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How the Shipping Container Changed Global Trade?

Any product used in our daily life, such as a smartphone, laptop or coffee, was all transported in a shipping container at least once in its lifetime. Shipping containers are mainly reusable steel boxes used for the purpose of transporting goods by rail, road and by sea. According to Statista, in 2017 about 2 (1.83) billion tons of products were transported in containers worldwide. About 90 percent of all the manufactured products in the world are shipped by sea. Of which, 60 percent are transported using steel containers, and the remaining oil and food grains are transported directly in the hull of ships.

Overview of Shipping Container

Before standardization of containers, products transported as cargo were packed in sacks, wooden barrels, or crates. As a result, a large number of dock workers were required for manual loading-unloading of these products, although this task was quite risky. In addition, the products had to be packed in a tight space, which again took up to a few weeks. For each stoppage of the ship, the packages needed to be rearranged. As a result, unloading was very time consuming and a hassle. For this inefficient process, loading and unloading would take much longer than the actual voyage itself.

According to the BBC, around the time of 1950, half a dozen serious accidents on an average would take place in the Port of New York, and deaths in every few weeks were also quite regular. For these reasons, the shipping industry has been trying to build a standard box for decades. But, there were disagreements between the trucking industry, the shipping industry, and the port regarding the size of the box. However, in the 1950’s, as the number of dock workers’ accidents increased, so did the need to build a standard box.

Global Export Value of Trade from 1960 to 2020 (in billion)

During this time, American trucking entrepreneur Malcolm Purcell McLean came forward to invent a shipping container. He wanted to design a box to make it easier and cheaper to transport goods by ship and truck. However, the U.S. regulations during that time restricted any trucking company to own a shipping line. That’s why In 1956, Malcolm bought two T2 tankers that were used in World War 2. He modified the two tankers in such a way that trailer-type containers could be carried both over and below the deck.

As a truck owner, he was trying to design an ideal size container that could fit on a truck bed. After several attempts, his converted ship set sail with the containers. The design of his invented and patented container was strong and theft-resistant. Malcolm’s voyage from New Jersey to Houston in 1956 with 58 metal box trailer type containers marked the beginning of a new era in global trading.

Several modifications were required to the container he designed and the ships began to be built around this newly designed container. Meanwhile, in 1966 the Moore-McCormick Company launched the first trans-Atlantic container service. The world’s first modern container ship was built by the Japanese and named Hakone Maru, which, in 1968, began to transport cargo.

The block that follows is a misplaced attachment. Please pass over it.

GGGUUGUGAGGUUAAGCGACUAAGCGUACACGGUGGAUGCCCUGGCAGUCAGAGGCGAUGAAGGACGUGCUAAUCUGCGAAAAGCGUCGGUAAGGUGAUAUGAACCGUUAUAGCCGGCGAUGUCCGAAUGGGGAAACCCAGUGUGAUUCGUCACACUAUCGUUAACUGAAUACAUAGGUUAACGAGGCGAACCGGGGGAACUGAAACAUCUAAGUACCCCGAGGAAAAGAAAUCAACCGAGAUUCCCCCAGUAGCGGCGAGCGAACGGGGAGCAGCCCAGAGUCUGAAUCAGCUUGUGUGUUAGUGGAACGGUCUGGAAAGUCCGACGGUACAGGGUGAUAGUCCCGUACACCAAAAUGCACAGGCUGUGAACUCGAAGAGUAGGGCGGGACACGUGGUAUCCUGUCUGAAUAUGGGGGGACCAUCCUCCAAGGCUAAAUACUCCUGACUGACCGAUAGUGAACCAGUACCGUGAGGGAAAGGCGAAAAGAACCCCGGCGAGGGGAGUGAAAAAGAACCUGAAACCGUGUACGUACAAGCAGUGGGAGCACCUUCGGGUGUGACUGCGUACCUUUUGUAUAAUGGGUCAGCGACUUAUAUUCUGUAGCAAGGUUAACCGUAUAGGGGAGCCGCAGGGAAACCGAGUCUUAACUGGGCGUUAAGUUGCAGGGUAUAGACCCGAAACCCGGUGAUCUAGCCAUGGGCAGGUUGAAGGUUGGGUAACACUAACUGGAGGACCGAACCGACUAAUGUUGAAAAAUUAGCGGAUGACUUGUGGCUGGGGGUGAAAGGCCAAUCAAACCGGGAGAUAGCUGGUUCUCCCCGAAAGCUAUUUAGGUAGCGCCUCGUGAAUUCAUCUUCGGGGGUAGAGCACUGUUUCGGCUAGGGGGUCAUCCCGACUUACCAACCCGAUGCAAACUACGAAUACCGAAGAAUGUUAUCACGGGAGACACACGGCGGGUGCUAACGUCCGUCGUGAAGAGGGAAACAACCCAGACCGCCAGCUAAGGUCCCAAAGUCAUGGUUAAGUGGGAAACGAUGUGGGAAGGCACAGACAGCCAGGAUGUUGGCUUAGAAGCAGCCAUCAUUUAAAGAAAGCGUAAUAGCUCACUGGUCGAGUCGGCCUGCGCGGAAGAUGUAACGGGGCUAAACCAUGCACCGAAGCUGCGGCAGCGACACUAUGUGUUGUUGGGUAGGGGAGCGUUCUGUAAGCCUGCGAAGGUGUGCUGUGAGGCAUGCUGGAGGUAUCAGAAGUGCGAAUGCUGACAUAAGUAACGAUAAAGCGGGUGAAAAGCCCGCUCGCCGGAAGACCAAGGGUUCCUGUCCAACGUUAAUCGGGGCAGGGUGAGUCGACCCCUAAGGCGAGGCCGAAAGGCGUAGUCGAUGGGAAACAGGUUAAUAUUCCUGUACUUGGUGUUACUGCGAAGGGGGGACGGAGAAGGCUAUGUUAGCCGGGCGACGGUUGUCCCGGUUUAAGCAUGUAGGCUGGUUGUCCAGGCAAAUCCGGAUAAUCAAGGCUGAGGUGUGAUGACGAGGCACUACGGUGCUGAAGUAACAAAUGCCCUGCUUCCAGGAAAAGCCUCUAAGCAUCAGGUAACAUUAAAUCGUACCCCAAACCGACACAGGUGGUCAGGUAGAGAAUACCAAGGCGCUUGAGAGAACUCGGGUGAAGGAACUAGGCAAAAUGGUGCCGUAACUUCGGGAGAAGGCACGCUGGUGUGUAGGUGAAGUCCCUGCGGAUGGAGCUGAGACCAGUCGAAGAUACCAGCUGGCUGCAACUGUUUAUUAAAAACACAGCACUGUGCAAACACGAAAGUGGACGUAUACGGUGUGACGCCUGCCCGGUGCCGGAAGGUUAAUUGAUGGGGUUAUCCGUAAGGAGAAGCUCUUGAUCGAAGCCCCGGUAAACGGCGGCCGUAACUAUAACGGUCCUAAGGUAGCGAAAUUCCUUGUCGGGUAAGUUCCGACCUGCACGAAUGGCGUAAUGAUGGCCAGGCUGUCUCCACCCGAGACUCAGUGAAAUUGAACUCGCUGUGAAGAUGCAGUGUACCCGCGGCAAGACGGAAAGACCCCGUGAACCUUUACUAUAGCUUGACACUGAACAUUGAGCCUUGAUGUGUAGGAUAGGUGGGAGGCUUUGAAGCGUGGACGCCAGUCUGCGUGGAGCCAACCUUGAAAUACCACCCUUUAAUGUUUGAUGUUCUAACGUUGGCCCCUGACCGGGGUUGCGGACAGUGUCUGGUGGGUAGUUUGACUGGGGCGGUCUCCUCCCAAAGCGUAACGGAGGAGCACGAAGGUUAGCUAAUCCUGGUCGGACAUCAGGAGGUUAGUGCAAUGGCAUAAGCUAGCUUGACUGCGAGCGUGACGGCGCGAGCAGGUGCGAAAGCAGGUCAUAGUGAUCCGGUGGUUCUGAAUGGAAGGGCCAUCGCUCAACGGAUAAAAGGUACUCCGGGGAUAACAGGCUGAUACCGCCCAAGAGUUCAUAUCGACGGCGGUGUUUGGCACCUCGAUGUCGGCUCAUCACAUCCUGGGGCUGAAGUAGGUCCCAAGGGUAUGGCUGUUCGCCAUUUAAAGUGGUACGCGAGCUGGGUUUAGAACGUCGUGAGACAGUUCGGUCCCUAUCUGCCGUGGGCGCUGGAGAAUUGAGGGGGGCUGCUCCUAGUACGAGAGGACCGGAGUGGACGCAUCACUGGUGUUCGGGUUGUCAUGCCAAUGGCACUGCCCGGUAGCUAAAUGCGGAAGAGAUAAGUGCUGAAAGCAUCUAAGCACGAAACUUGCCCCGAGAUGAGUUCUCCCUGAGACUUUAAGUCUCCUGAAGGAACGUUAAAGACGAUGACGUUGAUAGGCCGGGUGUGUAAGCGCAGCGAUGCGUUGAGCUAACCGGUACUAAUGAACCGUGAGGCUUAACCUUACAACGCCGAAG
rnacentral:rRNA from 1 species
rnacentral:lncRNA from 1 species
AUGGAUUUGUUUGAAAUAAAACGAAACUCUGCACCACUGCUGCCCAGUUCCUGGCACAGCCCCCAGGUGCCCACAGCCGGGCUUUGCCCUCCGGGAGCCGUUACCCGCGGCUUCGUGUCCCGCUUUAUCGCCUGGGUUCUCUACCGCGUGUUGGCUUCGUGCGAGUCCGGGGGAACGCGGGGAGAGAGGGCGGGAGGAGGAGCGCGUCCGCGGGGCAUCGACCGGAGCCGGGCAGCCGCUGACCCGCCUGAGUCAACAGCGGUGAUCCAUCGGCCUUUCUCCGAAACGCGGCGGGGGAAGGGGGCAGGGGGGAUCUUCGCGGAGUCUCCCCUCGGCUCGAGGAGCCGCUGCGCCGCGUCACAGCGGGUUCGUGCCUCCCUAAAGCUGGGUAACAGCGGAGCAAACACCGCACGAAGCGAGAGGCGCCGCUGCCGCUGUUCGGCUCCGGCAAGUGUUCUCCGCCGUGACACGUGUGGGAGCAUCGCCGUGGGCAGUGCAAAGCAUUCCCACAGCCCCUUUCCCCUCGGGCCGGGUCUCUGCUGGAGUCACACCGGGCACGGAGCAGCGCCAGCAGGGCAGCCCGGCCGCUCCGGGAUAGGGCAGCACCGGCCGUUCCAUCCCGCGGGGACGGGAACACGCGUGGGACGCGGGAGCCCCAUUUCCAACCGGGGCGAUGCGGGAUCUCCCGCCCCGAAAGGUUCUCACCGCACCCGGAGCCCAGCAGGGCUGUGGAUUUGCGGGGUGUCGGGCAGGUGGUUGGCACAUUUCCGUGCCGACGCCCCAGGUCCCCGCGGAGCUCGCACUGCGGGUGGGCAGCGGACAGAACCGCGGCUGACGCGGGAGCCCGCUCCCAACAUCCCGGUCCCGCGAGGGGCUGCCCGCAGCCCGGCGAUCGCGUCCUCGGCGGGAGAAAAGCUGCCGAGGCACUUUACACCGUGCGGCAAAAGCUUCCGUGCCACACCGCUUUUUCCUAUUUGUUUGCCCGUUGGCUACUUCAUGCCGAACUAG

This enormous ship used to transport cargo on the Trans Pacific route with 752 20-feet containers. By the 1980’s, at least 90 percent of manufactured goods, such as designer clothing, food, home goods, electronics, or heavy machinery, was being shipped in containers to meet the demand of consumers worldwide.

According to the Wall Street Journal, in 2017 about 8 trillion dollars worth of products was being shipped using containers, which in 2019 increased to 8.4 trillion dollars. Whereas, in 2020, the combined GDP of the 27 countries of the European Union was just over 13 (13.31) trillion dollars. Several cargo and leasing companies around the world are mainly the owners of the majority of shipping containers. Leasing companies own more than 50 percent of the world’s total containers, and Triton International is one of the notable ones.

According to Forbes, the world’s largest cargo and container giant is Denmark’s APM Maersk with about 4.1 million containers and 713 ships, followed by the Swiss international cargo company Mediterranean Shipping Company or MSC with 39 million containers.

The Steel Box

A standard ISO shipping container for common use is 8 and a half (8.5) feet high, 8 feet wide and 20 feet or 40 feet long. However, the container size of 20 feet is the most common. The main objective is to reduce shipping costs in container transportation and to facilitate easier container handling in cargo, truck, rail, crane, and port.

A standard ISO shipping container measurement

In 1956, the cost of loading per ton of loose cargo on a ship (without container) was about 6 (5.86), while if using a standardized shipping container at the same time, the cost was 16 cents per ton for loading.

Also some products may require a little more space than usual. For such items, there are high-cube containers, which can be up to 9 and a half feet (9.5) in height. The capacity of a standard 20 foot shipping container is more than 33 (33.1m³) cubic meters, which can store about 100 household washing machines, 400 flat-screen TVs, or 48,000 pieces of bananas. Other than that, small containers of 10 feet and 8 feet length are also available. On the other hand, there are refrigerated containers for transporting some perishable products like food and flowers.

Impact on Global Trade

In the transportation of goods, Marshall McLuhan’s Global Village concept is now very practical. Anyone can buy products made on the other side of the world. The invention of the shipping container has revolutionized global trade.

Convenience

The convenience of loading containers is not limited to ships only, but also for trucks and freight trains. Due to the standard size of the container, it is suitable for transportation in cargo vessels as well as trucks, lorries, freight trains. Containers can be easily transported from ship to port, then on to truck-beds and freight trains without repacking for road or rail transport.